9th Street Residence

Previously:
#1 - Phyto Universe
#2 - One Bryant Park
#3 - Pier 62 Carousel
#4 - Bronx River Art Center
#5 - The Pencil Factory
#6 - Westbeth Artists' Housing
#7 - 23 Beekman Place
#8 - Metal Shutter Houses
#9 - Bronx Box
#10 - American Academy of Arts and Letters
#11 - FDR Four Freedoms Park
#12 - One Madison Park
#13 - Pio Pio Restaurant
#14 - Queens West (Stage II)
#15 - 785 Eighth Avenue
#16 - Big Bambú
#17 - Event Horizon
#18 - Murano
#19 - William Lescaze House
#20 - Morgan Library and Museum
#21 - MTA Flood Mitigation
#22 - Wilf Hall
#23 - Yohji Yamamoto
#24 - NYU Center for Academic and Spiritual Life
#25 - Nehemiah Spring Creek
#26 - Longchamps

Today's archidose #435

Here are some photos of the South Pond pavilion (for yoga and other uses) at Lincoln Park Zoo in Chicago, Illinois by Studio Gang Architects, 2010. Photographs are by John (& Beth) Zacherle.

Zoo Pavilion

Zoo Pavilion

Zoo Pavilion

Zoo Pavilion

Zoo Pavilion

To contribute your Flickr images for consideration, just:
:: Join and add photos to the archidose pool, and/or
:: Tag your photos archidose

Thursday, August 26, 2010

31 in 31: #26

This is a series for August 2010 which documents my on-the-ground -- and on-the-webs -- research for my guidebook to contemporary NYC architecture (to be released next year by W. W. Norton). Archives can be found at the bottom of the post and via the 31 in 31 label.

Longchamps

Double glass doors cut into an otherwise blank brick wall barely hint at the stunning space for Longchamp on Spring Street in SoHo. Designed by Heatherwick Studio and completed in 2006, a "landscape stair" is the defining element that ties the ground floor with larger second floor above. Longchamp makes handbags, among other things, so appropriately the continuous treads appear to be made of leather (they are rubber on steel plate). Black posts and handrails are the only other major visual element occupying the space (beside the goods); the glass guardrails--fabricated the same way as car windshields--disappear at certain angles and create blurry reflections at other angles. All is skylit, like a luxury stairway to heaven. It is one of the best retail environments in Manhattan, because it finds inspiration in the product and fuses its expression with its function as an armature for displaying merchandise.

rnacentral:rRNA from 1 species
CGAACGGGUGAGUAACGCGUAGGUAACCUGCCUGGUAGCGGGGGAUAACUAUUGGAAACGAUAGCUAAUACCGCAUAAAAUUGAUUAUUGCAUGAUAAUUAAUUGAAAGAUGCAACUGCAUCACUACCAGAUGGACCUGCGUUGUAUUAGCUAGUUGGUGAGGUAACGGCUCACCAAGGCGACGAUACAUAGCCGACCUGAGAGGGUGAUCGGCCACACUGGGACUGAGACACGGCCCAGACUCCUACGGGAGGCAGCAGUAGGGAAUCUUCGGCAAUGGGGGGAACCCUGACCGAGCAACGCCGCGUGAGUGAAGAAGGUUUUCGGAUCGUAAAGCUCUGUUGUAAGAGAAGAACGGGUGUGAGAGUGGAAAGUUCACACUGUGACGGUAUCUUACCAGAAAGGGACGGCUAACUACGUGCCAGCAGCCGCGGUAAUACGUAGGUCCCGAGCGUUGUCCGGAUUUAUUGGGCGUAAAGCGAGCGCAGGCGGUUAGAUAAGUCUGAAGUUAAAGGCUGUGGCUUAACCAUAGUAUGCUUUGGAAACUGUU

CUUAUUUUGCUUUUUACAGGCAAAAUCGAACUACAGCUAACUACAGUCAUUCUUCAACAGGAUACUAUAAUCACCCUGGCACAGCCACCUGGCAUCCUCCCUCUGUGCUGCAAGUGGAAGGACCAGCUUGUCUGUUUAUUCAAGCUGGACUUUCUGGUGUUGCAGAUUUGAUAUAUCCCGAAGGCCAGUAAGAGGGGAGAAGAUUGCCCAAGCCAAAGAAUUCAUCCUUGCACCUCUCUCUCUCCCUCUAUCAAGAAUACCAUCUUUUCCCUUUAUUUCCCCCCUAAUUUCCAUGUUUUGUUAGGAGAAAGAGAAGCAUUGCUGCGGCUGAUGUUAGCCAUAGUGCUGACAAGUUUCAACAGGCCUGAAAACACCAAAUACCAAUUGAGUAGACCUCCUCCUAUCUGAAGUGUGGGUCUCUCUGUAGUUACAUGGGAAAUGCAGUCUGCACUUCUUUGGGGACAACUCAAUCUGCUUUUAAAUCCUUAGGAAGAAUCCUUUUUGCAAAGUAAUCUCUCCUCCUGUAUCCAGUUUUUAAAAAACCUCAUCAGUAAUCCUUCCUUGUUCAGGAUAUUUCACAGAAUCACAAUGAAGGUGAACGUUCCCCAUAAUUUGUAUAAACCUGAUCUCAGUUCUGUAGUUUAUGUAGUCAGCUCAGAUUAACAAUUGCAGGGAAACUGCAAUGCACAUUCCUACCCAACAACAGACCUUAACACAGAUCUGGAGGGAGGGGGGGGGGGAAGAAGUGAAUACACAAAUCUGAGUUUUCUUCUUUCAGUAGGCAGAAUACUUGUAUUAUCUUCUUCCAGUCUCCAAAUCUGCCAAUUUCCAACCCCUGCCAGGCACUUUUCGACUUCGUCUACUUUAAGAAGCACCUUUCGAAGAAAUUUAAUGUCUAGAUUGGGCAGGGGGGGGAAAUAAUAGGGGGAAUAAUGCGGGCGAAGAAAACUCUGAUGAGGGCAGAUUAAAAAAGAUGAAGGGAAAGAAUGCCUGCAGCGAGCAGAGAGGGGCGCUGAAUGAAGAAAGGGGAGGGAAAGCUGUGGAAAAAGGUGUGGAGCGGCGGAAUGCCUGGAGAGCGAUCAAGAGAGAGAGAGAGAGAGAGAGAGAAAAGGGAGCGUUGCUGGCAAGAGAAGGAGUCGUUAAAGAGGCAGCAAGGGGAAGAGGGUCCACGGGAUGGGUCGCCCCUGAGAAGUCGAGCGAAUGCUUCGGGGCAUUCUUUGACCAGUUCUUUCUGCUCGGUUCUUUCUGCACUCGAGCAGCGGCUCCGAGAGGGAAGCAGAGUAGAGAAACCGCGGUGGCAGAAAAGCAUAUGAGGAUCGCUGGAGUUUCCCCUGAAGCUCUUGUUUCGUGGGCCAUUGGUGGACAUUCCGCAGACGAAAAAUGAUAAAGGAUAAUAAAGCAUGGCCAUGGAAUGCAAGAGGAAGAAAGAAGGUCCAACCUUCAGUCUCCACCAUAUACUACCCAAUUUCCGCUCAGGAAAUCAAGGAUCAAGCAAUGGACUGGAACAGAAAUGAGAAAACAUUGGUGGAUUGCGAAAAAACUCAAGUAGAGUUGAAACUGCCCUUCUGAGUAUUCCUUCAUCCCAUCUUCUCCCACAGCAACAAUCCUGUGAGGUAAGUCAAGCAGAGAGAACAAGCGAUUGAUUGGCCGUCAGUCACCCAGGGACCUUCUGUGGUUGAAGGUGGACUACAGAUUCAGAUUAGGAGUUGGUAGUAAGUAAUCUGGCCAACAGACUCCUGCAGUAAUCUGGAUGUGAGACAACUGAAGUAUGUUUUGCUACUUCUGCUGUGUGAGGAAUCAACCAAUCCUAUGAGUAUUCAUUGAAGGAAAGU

Previously:
#1 - Phyto Universe
#2 - One Bryant Park
#3 - Pier 62 Carousel
#4 - Bronx River Art Center
#5 - The Pencil Factory
#6 - Westbeth Artists' Housing
#7 - 23 Beekman Place
#8 - Metal Shutter Houses
#9 - Bronx Box
#10 - American Academy of Arts and Letters
#11 - FDR Four Freedoms Park
#12 - One Madison Park
#13 - Pio Pio Restaurant
#14 - Queens West (Stage II)
#15 - 785 Eighth Avenue
#16 - Big Bambú
#17 - Event Horizon
#18 - Murano
#19 - William Lescaze House
#20 - Morgan Library and Museum
#21 - MTA Flood Mitigation
#22 - Wilf Hall
#23 - Yohji Yamamoto
#24 - NYU Center for Academic and Spiritual Life
#25 - Nehemiah Spring Creek

Wednesday, August 25, 2010

31 in 31: #25

This is a series for August 2010 which documents my on-the-ground -- and on-the-webs -- research for my guidebook to contemporary NYC architecture (to be released next year by W. W. Norton). Archives can be found at the bottom of the post and via the 31 in 31 label.

Nehemiah Spring Creek

It was the end of last year that I drove around Nehemiah Spring Creek, the largest affordable housing development -- as planned -- in New York City; phase one is complete with phase two's construction underway. A recent NYTimes blog post by Jayne Merkel on the "Irrational Exuberance" of the last couple of decades mentions the project located in East New York, Brooklyn and designed by Alexander Gorlin Architects, and it spurred me to include it here. Merkel uses the development as an example of how "interesting housing" is not limited to luxury condos in Manhattan, like Jean Nouvel's 100 Eleventh Avenue and Herzog & de Meuron's 40 Bond. Comments on the post tend to be split into two camps: those opposed to contemporary modernism and those who embrace it. Not surprisingly the former's comment are terse and opinionated, the latter more explanatory; never the twain shall agree.


Nehemiah Spring Creek